09 Tips To Get the Most out of your Solar PV Plant System

Solar energy PV systems are not standardized products. In every case, solar energy is harnessed through unique personalized projects and each project has its own factors to consider. These factors include:

  • Choosing the right installation location
  • Selection of appropriate solar components
  • Accurate electrical designs
  • Regular plant maintenance, and so on.

Solar projects are meant to have a life of at least 25 years. It is extremely important to ensure that the client is enjoying his solar installation at its best performance possible. Let us discuss the 9 things we can do to ensure that our solar installations have the maximum performance.

1. Choosing the Right Site

Not all sites are compatible or make sense to have a solar plant installed. Your roof structure might not be able to withstand the weight, there might not be enough space to set up that a solar plant that’s beneficial enough, there can be obstructions, frequent shading, insufficient irradiance, non-conducive weather, and a variety of other reasons why a site might not be ‘right’.

Ensure that you spend a good amount of time on a site to identify the best location to site up a solar power plant. It is possible to undo a lot of things in a solar project but having chosen the wrong location might not be one of them. To know remotely or from home whether a site is ideal or not, you can use industrial tools to simulate the plant on PVSyst.

2. Optimize the Azimuth and Tilt Angle of the Solar Array

Source : 13kuga

In extremely basic terms, Azimuth angle is the direction the solar arrays are facing, with respect to the North as shown via a compass. The degrees between the North of a compass and the direction your solar panels face is equal to your Azimuth angle.

Due to the movement of the sun, it is a thumb rule that if your solar installation is in the Northern Hemisphere, your array should face true-south and vice versa. Additionally, your Tilt Angle must be equal to or close to the Latitude of your location. In some cases, like when you’re installing a flush-mount system or a ballasted system, you might not have the luxury of choosing your Tilt and Azimuth, but try ensuring that it’s as ideal as it can get, given the constraints in mind. Arranging your solar panels without considering the ideal Tilt and Azimuth angle might lead to an underperforming plant.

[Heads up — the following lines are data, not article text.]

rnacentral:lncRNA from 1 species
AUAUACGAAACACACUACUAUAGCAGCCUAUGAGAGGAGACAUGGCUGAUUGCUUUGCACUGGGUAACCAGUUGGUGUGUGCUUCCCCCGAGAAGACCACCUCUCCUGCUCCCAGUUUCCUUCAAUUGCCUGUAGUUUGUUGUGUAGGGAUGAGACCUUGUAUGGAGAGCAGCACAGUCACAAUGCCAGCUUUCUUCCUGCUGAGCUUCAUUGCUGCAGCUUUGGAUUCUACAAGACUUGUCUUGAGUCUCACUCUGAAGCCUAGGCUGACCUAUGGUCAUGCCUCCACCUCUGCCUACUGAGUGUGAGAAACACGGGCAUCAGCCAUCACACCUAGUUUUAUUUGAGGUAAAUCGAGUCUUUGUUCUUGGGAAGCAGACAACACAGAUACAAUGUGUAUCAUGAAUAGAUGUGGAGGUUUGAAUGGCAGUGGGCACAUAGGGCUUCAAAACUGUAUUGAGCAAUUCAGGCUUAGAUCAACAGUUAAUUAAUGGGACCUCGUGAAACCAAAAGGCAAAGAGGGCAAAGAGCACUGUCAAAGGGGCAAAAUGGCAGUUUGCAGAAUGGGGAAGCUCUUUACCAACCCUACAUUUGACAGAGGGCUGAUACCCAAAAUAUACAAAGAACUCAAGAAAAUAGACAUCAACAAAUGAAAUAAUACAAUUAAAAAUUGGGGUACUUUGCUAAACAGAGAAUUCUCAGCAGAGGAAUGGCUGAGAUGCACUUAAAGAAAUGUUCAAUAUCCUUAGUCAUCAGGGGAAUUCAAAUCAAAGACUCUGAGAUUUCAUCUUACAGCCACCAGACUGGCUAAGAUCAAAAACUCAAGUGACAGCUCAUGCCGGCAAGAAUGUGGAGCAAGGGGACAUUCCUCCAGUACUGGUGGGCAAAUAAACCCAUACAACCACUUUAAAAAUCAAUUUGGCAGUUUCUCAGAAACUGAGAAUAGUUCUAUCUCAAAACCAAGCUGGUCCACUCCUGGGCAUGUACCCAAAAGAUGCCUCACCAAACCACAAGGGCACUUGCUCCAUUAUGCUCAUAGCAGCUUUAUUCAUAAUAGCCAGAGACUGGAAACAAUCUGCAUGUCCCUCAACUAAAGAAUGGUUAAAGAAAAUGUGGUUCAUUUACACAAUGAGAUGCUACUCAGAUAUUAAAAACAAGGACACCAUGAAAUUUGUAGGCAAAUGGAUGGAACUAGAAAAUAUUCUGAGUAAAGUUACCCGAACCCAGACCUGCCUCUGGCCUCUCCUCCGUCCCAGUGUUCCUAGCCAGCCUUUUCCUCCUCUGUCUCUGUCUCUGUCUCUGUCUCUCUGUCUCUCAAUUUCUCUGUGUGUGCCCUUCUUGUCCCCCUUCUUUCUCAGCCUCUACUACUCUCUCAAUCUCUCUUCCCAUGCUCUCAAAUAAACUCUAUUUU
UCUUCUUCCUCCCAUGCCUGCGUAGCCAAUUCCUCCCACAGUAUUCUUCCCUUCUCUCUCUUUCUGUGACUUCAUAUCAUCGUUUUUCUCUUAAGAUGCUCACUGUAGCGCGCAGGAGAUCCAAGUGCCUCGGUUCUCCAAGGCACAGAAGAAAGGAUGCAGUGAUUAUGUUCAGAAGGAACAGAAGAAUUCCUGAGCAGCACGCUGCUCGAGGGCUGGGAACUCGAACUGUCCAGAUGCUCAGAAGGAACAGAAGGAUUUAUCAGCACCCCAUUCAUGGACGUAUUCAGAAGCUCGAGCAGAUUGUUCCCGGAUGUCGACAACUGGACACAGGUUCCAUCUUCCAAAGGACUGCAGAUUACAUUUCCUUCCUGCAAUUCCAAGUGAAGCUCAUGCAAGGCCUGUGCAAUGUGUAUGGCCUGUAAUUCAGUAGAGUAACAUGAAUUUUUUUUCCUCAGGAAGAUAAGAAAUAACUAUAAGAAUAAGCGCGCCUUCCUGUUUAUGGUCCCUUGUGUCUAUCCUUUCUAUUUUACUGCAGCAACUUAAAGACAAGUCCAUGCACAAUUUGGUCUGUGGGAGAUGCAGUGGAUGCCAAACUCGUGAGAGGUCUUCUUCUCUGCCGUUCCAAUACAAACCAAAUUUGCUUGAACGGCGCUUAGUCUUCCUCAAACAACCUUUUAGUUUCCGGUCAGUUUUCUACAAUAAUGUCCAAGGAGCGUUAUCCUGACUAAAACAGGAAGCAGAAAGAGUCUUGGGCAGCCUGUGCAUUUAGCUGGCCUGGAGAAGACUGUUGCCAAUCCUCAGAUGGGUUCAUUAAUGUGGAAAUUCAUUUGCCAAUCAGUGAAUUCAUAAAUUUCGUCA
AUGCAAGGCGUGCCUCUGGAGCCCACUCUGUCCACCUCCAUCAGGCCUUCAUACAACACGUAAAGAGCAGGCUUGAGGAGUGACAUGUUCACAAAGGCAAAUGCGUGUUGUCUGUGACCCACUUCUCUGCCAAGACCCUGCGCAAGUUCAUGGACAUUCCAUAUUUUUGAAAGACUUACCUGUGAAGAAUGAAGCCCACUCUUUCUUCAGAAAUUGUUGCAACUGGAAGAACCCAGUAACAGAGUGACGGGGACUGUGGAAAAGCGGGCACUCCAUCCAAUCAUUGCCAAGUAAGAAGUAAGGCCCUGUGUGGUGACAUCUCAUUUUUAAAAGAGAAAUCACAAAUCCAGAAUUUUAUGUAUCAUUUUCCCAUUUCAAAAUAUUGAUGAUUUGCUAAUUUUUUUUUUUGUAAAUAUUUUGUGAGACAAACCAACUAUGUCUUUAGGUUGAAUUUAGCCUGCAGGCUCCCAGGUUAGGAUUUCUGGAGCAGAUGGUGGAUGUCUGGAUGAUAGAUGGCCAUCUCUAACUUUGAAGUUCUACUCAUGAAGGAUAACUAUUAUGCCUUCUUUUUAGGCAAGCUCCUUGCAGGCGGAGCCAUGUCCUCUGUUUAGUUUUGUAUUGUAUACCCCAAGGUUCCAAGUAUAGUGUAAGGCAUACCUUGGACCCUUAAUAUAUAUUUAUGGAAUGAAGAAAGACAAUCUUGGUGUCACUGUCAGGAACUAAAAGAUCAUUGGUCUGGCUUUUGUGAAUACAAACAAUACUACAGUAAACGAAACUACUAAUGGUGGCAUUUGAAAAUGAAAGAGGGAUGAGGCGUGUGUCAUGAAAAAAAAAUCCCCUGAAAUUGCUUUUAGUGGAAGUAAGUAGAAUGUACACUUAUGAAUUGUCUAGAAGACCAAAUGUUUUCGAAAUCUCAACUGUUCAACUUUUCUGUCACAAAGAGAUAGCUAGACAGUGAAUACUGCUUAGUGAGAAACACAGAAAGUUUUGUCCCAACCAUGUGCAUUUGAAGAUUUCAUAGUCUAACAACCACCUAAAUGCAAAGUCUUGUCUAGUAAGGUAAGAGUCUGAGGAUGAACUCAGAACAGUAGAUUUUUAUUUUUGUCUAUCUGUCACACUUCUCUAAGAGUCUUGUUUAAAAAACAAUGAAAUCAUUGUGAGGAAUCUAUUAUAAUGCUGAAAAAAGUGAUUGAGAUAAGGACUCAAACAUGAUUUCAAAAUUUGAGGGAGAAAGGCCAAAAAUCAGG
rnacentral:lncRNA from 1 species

3. Configure/Spec the solar array correctly

The amount of power that your PV array can produce versus the amount of power that your other components can process is an important consideration. In the solar industry, It’s very common to find oversized systems aren’t able to match with components and this causes a lot of energy loss. The seamlessness with which your components ‘talk to each other’ is an important marriage that you need to consider while designing and installing a solar plant for your client. Their current and voltage relationships must be considered so that the solar plant’s performance is maximized and optimized.

4. Work within the limits of the utility voltage

While working with grid-connected systems, the limits and codes set by your local utility are second to none. Since the inverters are connected to the grid, the standards and frequency of current distribution are important for your grid-connected solar plant to function well. The voltage delivered by the utility isn’t under your direct control and can fluctuate over time. With these limitations in place, it’s your responsibility to look at these conditions and mitigate the effect on your solar plant, by reducing the voltage drop in the conductors.

5. Selecting the right inverter

Not enough emphasis is enough to state the importance of an inverter in your solar plant. With an inverter responsible for inverting your DC current to AC, it is the crux of your entire solar PV system and makes the entire system usable in the first place.